Randolph Bourne

From Conservapedia
Jump to: navigation, search
Randolph S. Bourne

Born May 30, 1886
Bloomfield, New Jersey
Died December 22, 1918
New York City

Randolph Silliman Bourne (May 30, 1886 - December 22, 1918) was a left wing academic who was an ardent voice for social justice,[1] and is best known for his phrase "War is the health of the State".[2]

Early life

Randolph S. Bourne was born in Bloomfield, New Jersey, May 30, 1886. An inept use of forceps during birth left him partially deformed, and at 5 he had spinal tuberculosis, which disfigured his body and left him as a hunchback.[3][4]

Bourne went to the public schools in his native town, and then for some time earned his living as an assistant to a manufacturer of automatic piano music. In 1909 he entered Columbia, graduating in 1913 as holder of the Gilder Fellowship, which enabled him to spend a year of study and investigation in Europe.

Literary Work

He was one of the more important of the younger contributors to American magazines on social and political movements and on education. His most important books are "Youth and Life" (1913) and "Education and Living" (1917).

In 1911 he had begun contributing to The Atlantic Monthly, and his first book, "Youth and Life," a volume of essays, appeared in 1913. He was a member of the contributing staff of The New Republic during its first three years; later he was a contributing editor of The Seven Arts and The Dial. He had published, in addition to his first collection of essays and a large number of miscellaneous articles and book reviews, two other books, "Education and Living" and "The Gary Schools."

During this time, he was supportive of the work of the Industrial Workers of the World, including their actions at the Paterson strike. He wrote poems, such as "Sabotage", which encouraged rebellion against oppressive businessmen.[5][6] He also found much agreement with Jean Jacques Rousseau's big government ideal of a General Will.[7] He also lauded the work of Maurice Barrès.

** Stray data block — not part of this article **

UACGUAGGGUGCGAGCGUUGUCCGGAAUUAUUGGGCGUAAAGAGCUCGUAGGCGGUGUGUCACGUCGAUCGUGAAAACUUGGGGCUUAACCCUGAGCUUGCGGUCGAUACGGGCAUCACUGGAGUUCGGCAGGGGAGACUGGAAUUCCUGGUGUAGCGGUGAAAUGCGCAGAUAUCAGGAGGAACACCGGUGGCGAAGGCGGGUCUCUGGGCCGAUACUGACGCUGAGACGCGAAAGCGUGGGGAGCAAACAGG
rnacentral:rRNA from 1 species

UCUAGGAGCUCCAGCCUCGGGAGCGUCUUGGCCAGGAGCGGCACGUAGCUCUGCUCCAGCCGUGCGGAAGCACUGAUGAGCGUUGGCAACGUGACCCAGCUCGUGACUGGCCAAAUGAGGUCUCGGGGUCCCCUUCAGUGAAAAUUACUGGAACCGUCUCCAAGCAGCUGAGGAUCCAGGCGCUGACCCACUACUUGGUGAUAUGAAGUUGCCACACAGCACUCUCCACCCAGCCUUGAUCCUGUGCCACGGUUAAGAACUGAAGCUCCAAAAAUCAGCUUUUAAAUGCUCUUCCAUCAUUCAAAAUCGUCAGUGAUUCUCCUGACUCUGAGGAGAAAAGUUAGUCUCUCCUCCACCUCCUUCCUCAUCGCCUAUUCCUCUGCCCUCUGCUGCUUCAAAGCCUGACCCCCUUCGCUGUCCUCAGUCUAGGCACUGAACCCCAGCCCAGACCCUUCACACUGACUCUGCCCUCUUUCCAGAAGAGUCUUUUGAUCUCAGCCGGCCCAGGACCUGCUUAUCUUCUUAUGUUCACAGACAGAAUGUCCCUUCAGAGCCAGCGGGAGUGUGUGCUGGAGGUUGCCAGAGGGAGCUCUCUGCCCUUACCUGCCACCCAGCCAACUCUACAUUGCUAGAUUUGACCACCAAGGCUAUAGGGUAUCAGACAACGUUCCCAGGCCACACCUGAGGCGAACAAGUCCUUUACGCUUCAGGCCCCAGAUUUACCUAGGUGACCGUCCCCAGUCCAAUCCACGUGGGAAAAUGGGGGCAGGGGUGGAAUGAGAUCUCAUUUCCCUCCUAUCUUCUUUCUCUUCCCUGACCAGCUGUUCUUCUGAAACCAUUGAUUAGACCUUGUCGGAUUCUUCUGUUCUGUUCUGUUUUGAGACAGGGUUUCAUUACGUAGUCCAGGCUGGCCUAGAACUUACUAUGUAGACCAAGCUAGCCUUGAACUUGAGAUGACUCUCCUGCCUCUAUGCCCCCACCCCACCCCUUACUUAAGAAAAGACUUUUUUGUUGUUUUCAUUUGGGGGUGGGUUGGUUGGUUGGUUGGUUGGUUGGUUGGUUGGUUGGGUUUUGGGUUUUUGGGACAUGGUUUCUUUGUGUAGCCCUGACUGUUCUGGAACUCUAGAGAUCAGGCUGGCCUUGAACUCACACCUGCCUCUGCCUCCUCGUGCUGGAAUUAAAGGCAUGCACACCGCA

At the time of his death he was engaged on a novel and a study of the political future titled "The State".[8]


His work "Trans-National America" popularized the term Transnationalism, which discusses the assimilation of the immigrant into American life. Assimilation came to be referred to as the "Melting pot" and was a concept that Bourne did not hold in high regard.[9] This work was influenced by Horace Kallen.[10]

Death and Legacy

He died in New York, December 22, 1918. In 2001, the Randolph Bourne Institute(RBI) was founded[11] in pursuit of Bourne's ideals of a non-interventionist foreign policy for the United States. RBI is the publisher of Antiwar.com.


  • "Who that saw the Paterson Strike Pageant in 1913 can ever forget that thrilling evening when an entire labor community dramatized its wrongs in one supreme outburst of group-emotion? Crude and rather terrifying, it stamped into one's mind the idea that a new social art was in the American world, something genuinely and excitingly new."[12][13]
  • "He [the radical] feels himself, not as an idle spectator of evolution, but as an actual co-worker in the process. He does not wait timidly to jump until all the others are ready to jump; he jumps now, and anticipates that life which all desire, but which most, through inertia, prejudice, insufficient knowledge, and feeble sympathy, distrust or despair of."[14]
  • "As long as the employer is entrenched in property rights with the armed state behind him, the power will be his, and the class that does the diverting will not be labor." - "What is Exploitation?", The New Republic, November 4th, 1916[15]
  • "Yes, that is what I would have felt, done, said! I could not judge him and his work by those standards that the hopelessly moral and complacent English have imposed upon our American mind. It was a sort of moral bath; it cleared up for me a whole new democratic morality, and put the last touch upon the old English way of looking at the world in which I was brought up and which I had such a struggle to get rid of" - On Rousseau's General Will

See also


  • Abrahams, Edward (1986), The Lyrical Left: Randolph Bourne, Alfred Stieglitz, and the Origins of Cultural Radicalism in America
  • Hansen, Olaf (1977), Randolph Bourne: The Radical Will: Selected Writings, 1911–1918.
  • Lasch, Christopher (1965), The New Radicalism in America, 1889–1963: The Intellectual As a Social Type
  • Vaughan, Leslie (1997), Randolph Bourne and the Politics of Cultural Radicalism


External links